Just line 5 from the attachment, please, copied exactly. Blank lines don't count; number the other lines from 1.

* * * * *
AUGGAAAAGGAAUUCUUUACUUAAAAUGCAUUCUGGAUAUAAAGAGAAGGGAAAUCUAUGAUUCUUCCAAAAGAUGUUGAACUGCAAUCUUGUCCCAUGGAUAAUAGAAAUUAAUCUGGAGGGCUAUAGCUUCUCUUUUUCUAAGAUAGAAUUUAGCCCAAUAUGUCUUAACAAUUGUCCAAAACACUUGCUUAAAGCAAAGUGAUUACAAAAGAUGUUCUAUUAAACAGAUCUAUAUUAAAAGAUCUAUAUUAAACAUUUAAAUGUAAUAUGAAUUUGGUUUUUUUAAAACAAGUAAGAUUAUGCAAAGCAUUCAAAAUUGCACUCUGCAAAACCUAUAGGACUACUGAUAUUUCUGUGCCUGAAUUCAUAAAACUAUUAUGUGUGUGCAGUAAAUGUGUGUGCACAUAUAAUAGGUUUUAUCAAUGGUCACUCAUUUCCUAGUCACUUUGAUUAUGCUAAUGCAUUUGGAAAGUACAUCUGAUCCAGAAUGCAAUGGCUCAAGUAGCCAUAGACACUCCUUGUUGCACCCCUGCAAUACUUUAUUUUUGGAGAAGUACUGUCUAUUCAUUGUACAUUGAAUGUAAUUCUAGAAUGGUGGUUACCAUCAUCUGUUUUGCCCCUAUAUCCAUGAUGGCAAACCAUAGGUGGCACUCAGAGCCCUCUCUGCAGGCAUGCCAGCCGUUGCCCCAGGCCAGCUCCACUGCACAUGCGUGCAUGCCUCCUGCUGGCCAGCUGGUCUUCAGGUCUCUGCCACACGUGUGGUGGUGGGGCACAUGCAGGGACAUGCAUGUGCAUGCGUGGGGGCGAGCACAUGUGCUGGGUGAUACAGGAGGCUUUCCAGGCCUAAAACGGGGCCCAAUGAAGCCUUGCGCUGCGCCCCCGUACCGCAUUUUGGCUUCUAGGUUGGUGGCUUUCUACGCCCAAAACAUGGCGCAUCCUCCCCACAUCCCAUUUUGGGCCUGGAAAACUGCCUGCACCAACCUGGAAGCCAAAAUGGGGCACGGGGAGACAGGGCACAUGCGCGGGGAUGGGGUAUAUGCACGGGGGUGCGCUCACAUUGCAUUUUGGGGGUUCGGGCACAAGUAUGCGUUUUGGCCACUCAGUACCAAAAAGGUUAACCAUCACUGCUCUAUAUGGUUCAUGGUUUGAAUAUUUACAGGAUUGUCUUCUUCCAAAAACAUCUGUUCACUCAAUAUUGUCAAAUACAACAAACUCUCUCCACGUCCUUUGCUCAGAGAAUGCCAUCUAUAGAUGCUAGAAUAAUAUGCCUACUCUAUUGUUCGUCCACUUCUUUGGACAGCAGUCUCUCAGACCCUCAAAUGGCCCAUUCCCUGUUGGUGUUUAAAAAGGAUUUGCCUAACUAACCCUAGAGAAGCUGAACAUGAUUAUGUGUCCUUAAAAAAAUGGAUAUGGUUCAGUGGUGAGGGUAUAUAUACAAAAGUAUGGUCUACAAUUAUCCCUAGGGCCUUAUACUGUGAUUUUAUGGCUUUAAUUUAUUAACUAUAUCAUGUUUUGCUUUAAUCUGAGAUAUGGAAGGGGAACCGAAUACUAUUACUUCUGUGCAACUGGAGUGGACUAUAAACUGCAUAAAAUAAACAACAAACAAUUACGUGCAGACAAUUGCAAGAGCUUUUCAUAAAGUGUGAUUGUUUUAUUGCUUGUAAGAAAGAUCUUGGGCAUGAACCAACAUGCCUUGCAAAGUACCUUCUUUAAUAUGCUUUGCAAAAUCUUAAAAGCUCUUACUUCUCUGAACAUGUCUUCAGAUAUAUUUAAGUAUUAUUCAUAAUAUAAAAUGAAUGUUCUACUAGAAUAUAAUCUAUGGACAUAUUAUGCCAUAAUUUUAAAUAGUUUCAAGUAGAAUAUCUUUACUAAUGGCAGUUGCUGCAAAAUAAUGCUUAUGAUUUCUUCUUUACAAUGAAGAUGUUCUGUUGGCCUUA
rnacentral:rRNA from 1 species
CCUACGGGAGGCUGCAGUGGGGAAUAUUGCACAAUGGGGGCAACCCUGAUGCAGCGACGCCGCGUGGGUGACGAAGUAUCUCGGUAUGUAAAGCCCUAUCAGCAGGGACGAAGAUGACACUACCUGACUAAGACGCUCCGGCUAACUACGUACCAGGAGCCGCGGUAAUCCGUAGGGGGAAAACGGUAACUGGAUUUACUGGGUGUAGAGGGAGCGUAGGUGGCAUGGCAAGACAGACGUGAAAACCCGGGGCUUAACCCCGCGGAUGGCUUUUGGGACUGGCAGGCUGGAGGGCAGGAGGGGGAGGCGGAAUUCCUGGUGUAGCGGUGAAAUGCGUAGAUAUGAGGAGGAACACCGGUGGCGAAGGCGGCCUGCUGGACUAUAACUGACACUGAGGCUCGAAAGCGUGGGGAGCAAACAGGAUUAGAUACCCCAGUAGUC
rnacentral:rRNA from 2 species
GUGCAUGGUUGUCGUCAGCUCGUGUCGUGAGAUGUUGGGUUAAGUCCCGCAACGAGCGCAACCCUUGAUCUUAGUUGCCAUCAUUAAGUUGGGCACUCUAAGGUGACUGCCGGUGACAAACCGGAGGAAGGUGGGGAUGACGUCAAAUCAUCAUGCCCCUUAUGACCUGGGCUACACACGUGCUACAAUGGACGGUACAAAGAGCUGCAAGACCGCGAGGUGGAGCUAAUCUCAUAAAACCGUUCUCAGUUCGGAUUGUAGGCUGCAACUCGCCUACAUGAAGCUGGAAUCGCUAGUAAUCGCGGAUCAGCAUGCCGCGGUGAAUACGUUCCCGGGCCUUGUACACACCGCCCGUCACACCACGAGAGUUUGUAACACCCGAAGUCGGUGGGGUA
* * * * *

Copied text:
GUGCAUGGUUGUCGUCAGCUCGUGUCGUGAGAUGUUGGGUUAAGUCCCGCAACGAGCGCAACCCUUGAUCUUAGUUGCCAUCAUUAAGUUGGGCACUCUAAGGUGACUGCCGGUGACAAACCGGAGGAAGGUGGGGAUGACGUCAAAUCAUCAUGCCCCUUAUGACCUGGGCUACACACGUGCUACAAUGGACGGUACAAAGAGCUGCAAGACCGCGAGGUGGAGCUAAUCUCAUAAAACCGUUCUCAGUUCGGAUUGUAGGCUGCAACUCGCCUACAUGAAGCUGGAAUCGCUAGUAAUCGCGGAUCAGCAUGCCGCGGUGAAUACGUUCCCGGGCCUUGUACACACCGCCCGUCACACCACGAGAGUUUGUAACACCCGAAGUCGGUGGGGUA